Treating depression with food.

Felice Jacka of Deakin University in Australia led the Australian study known as the SMILES Trial (Supporting the Modification of Lifestyle in Lowered Emotional States). She followed 67 men and women with moderate to severe depressions. Half of the participants followed a modified Mediterranean diet, while the other group continued to follow their unhealthy diets. After three months, without any changes in exercise or body weight, those who followed the healthier diet experienced the greatest benefit to their depression symptoms.

Start eating well at an early age.

Several studies show that maternal and early-life nutrition can determine a person’s mental health later in life. Poor nutrition, especially during the formative years have been implicated in the onset of depression and psychotic disorders. Sugar is one of the biggest threats to human health including mental health. Not only is sugar addictive, but it has been linked to depression, anxiety, addictive behavior, memory loss, and compromised cognitive ability.

“We teach the kids that, through healthy eating, their minds can be clearer, their aches and pains can be relieved, and their futures can be brighter.”

~ Dr. Rachel Fortune, Medical Director at Newport Academy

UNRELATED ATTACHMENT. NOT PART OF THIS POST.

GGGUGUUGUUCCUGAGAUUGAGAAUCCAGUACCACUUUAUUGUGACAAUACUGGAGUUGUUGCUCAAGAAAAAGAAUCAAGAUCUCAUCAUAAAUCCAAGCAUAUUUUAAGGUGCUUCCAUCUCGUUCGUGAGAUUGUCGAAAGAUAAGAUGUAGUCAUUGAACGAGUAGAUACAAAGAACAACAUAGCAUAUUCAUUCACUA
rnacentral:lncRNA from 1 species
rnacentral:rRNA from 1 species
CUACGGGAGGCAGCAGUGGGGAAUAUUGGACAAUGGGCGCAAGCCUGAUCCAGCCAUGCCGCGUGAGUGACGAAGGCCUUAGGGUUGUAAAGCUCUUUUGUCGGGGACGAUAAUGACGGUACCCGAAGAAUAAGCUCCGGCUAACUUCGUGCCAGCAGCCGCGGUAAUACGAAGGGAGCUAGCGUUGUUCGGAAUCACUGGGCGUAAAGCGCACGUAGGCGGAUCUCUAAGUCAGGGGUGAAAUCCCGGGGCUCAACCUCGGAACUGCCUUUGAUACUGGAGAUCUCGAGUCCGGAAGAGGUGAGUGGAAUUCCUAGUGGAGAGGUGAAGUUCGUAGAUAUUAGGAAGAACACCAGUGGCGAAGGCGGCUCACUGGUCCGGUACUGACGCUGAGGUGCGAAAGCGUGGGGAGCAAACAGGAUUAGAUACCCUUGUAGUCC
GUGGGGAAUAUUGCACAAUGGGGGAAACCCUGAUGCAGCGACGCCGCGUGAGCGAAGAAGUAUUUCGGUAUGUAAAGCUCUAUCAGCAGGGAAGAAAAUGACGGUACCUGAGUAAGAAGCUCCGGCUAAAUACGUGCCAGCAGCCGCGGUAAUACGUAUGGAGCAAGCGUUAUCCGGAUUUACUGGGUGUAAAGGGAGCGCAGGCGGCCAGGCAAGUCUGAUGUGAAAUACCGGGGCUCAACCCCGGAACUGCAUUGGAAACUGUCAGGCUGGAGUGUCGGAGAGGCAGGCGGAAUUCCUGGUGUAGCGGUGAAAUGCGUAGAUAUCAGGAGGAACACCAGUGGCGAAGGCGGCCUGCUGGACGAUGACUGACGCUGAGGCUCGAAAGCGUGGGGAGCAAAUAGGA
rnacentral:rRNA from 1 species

Nutritional medicine has become an important element of psychiatric practice. Psychiatrists can recommend nutritional supplements and then adjust the doses according to each patient’s responses. For example, supplements containing amino acids have been shown to alleviate depression. Scientific evidence points to nutritional supplement/treatment in controlling and at times preventing depression, anxiety disorders, ADD/ADHD, schizophrenia, eating disorders, autism, and addiction.

Burden of Diseases, Injuries, and Risk Factors

Photo by Max Delsid on Unsplash

The evidence is clear that what we eat plays a vital role in our mental health, and that our diet can prevent and treat depression and other mental health disorders.

If you’d like to learn more about how your diet can affect your mental health, or if you’d like to talk to someone about another mental health issue, please call us at 718-577-2583 to set up a free 15-minute consultation. All American Psychiatric Practice. We’re here to help you.


The Link Between Diet and Mental Health